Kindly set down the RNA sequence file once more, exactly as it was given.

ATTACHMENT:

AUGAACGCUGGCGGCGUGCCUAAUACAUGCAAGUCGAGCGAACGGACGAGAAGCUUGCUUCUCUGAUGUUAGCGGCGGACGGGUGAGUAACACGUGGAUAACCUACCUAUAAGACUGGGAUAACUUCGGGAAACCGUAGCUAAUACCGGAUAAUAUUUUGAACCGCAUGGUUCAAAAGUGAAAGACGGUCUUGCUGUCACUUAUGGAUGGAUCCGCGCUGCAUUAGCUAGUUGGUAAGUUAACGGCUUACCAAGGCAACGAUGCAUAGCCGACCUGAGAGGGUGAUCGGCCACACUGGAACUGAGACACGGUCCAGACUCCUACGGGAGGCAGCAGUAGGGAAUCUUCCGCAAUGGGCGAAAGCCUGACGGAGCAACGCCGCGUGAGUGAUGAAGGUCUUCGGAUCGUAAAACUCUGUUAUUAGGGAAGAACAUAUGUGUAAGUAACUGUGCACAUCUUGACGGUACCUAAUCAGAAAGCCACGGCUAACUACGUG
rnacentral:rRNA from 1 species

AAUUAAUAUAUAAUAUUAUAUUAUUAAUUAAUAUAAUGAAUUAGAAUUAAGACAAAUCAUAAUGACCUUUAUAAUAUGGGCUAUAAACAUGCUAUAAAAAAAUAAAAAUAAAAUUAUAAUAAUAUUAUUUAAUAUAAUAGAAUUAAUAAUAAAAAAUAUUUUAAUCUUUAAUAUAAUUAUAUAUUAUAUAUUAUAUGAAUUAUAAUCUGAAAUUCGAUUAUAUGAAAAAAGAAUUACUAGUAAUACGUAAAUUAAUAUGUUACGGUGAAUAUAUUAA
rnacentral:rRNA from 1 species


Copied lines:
AUGAACGCUGGCGGCGUGCCUAAUACAUGCAAGUCGAGCGAACGGACGAGAAGCUUGCUUCUCUGAUGUUAGCGGCGGACGGGUGAGUAACACGUGGAUAACCUACCUAUAAGACUGGGAUAACUUCGGGAAACCGUAGCUAAUACCGGAUAAUAUUUUGAACCGCAUGGUUCAAAAGUGAAAGACGGUCUUGCUGUCACUUAUGGAUGGAUCCGCGCUGCAUUAGCUAGUUGGUAAGUUAACGGCUUACCAAGGCAACGAUGCAUAGCCGACCUGAGAGGGUGAUCGGCCACACUGGAACUGAGACACGGUCCAGACUCCUACGGGAGGCAGCAGUAGGGAAUCUUCCGCAAUGGGCGAAAGCCUGACGGAGCAACGCCGCGUGAGUGAUGAAGGUCUUCGGAUCGUAAAACUCUGUUAUUAGGGAAGAACAUAUGUGUAAGUAACUGUGCACAUCUUGACGGUACCUAAUCAGAAAGCCACGGCUAACUACGUG
rnacentral:rRNA from 1 species

AAUUAAUAUAUAAUAUUAUAUUAUUAAUUAAUAUAAUGAAUUAGAAUUAAGACAAAUCAUAAUGACCUUUAUAAUAUGGGCUAUAAACAUGCUAUAAAAAAAUAAAAAUAAAAUUAUAAUAAUAUUAUUUAAUAUAAUAGAAUUAAUAAUAAAAAAUAUUUUAAUCUUUAAUAUAAUUAUAUAUUAUAUAUUAUAUGAAUUAUAAUCUGAAAUUCGAUUAUAUGAAAAAAGAAUUACUAGUAAUACGUAAAUUAAUAUGUUACGGUGAAUAUAUUAA
rnacentral:rRNA from 1 species